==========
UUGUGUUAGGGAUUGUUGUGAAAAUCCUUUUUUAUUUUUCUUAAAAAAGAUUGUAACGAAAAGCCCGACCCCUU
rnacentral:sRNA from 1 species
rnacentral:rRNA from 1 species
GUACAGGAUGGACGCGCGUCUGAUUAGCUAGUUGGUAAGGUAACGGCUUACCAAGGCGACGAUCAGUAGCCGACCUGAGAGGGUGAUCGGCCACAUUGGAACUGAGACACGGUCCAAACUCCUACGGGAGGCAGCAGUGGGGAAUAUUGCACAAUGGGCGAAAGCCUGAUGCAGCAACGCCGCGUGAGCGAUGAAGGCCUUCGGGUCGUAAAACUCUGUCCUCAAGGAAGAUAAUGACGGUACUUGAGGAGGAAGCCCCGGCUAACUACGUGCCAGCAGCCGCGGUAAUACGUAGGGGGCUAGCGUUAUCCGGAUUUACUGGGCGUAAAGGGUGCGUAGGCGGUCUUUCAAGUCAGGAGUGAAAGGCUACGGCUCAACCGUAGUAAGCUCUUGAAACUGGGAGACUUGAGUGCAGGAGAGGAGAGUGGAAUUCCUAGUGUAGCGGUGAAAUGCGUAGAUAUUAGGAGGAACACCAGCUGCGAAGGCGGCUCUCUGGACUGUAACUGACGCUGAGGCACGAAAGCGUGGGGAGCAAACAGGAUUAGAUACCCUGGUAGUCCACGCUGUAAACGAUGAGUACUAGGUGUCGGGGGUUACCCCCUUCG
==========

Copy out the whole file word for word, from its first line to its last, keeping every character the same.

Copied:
UUGUGUUAGGGAUUGUUGUGAAAAUCCUUUUUUAUUUUUCUUAAAAAAGAUUGUAACGAAAAGCCCGACCCCUU
rnacentral:sRNA from 1 species
rnacentral:rRNA from 1 species
GUACAGGAUGGACGCGCGUCUGAUUAGCUAGUUGGUAAGGUAACGGCUUACCAAGGCGACGAUCAGUAGCCGACCUGAGAGGGUGAUCGGCCACAUUGGAACUGAGACACGGUCCAAACUCCUACGGGAGGCAGCAGUGGGGAAUAUUGCACAAUGGGCGAAAGCCUGAUGCAGCAACGCCGCGUGAGCGAUGAAGGCCUUCGGGUCGUAAAACUCUGUCCUCAAGGAAGAUAAUGACGGUACUUGAGGAGGAAGCCCCGGCUAACUACGUGCCAGCAGCCGCGGUAAUACGUAGGGGGCUAGCGUUAUCCGGAUUUACUGGGCGUAAAGGGUGCGUAGGCGGUCUUUCAAGUCAGGAGUGAAAGGCUACGGCUCAACCGUAGUAAGCUCUUGAAACUGGGAGACUUGAGUGCAGGAGAGGAGAGUGGAAUUCCUAGUGUAGCGGUGAAAUGCGUAGAUAUUAGGAGGAACACCAGCUGCGAAGGCGGCUCUCUGGACUGUAACUGACGCUGAGGCACGAAAGCGUGGGGAGCAAACAGGAUUAGAUACCCUGGUAGUCCACGCUGUAAACGAUGAGUACUAGGUGUCGGGGGUUACCCCCUUCG